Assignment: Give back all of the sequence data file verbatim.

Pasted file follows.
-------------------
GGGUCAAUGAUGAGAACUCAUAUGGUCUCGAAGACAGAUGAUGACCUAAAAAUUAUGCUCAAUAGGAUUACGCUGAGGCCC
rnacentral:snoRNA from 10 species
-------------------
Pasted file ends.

GGGUCAAUGAUGAGAACUCAUAUGGUCUCGAAGACAGAUGAUGACCUAAAAAUUAUGCUCAAUAGGAUUACGCUGAGGCCC
rnacentral:snoRNA from 10 species